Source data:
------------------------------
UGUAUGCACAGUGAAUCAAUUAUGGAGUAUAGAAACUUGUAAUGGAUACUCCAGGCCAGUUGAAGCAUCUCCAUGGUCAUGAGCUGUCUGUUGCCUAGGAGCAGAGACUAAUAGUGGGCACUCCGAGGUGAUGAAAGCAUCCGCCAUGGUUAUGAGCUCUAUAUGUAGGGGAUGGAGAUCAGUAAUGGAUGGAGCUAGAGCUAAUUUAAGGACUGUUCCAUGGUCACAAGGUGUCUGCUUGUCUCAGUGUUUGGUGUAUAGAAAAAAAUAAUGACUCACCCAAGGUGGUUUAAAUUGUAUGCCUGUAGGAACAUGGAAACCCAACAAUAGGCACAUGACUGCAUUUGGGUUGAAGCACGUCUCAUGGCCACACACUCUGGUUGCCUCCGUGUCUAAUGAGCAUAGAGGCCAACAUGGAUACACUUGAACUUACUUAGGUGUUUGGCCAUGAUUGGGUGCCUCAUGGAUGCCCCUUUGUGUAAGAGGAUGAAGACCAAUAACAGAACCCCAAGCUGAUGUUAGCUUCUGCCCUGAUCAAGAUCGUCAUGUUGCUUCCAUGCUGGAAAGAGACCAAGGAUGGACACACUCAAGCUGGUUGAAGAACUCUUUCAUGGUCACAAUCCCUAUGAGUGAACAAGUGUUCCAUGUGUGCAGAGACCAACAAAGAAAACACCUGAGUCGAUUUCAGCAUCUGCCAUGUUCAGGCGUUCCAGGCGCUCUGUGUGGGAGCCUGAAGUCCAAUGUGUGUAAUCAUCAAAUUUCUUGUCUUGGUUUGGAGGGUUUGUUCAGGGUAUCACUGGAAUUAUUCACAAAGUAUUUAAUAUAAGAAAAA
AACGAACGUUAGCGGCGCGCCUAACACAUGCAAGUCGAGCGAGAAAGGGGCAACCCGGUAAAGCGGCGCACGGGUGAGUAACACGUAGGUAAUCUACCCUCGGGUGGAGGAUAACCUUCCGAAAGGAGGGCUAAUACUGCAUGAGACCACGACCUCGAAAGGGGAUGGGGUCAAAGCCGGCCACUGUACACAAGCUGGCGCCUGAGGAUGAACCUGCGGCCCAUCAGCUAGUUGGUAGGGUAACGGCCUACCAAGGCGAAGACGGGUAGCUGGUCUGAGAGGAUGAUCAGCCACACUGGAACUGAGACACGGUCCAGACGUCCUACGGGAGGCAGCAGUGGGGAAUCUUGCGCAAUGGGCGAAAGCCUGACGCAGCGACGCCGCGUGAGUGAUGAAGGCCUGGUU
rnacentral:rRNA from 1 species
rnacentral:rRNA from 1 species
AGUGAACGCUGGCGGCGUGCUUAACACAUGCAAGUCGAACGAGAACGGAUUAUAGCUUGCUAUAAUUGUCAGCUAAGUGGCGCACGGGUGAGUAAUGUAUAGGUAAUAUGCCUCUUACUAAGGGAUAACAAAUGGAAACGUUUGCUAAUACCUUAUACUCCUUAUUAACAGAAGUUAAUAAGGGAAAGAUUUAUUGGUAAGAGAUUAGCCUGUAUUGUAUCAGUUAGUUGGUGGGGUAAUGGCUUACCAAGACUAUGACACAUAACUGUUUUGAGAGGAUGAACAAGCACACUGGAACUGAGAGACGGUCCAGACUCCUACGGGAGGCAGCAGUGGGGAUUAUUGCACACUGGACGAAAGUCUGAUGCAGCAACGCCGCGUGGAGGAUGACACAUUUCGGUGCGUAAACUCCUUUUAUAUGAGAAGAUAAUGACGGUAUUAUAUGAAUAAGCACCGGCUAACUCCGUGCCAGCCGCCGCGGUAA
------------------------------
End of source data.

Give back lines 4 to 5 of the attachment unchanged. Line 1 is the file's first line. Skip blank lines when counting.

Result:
rnacentral:rRNA from 1 species
AGUGAACGCUGGCGGCGUGCUUAACACAUGCAAGUCGAACGAGAACGGAUUAUAGCUUGCUAUAAUUGUCAGCUAAGUGGCGCACGGGUGAGUAAUGUAUAGGUAAUAUGCCUCUUACUAAGGGAUAACAAAUGGAAACGUUUGCUAAUACCUUAUACUCCUUAUUAACAGAAGUUAAUAAGGGAAAGAUUUAUUGGUAAGAGAUUAGCCUGUAUUGUAUCAGUUAGUUGGUGGGGUAAUGGCUUACCAAGACUAUGACACAUAACUGUUUUGAGAGGAUGAACAAGCACACUGGAACUGAGAGACGGUCCAGACUCCUACGGGAGGCAGCAGUGGGGAUUAUUGCACACUGGACGAAAGUCUGAUGCAGCAACGCCGCGUGGAGGAUGACACAUUUCGGUGCGUAAACUCCUUUUAUAUGAGAAGAUAAUGACGGUAUUAUAUGAAUAAGCACCGGCUAACUCCGUGCCAGCCGCCGCGGUAA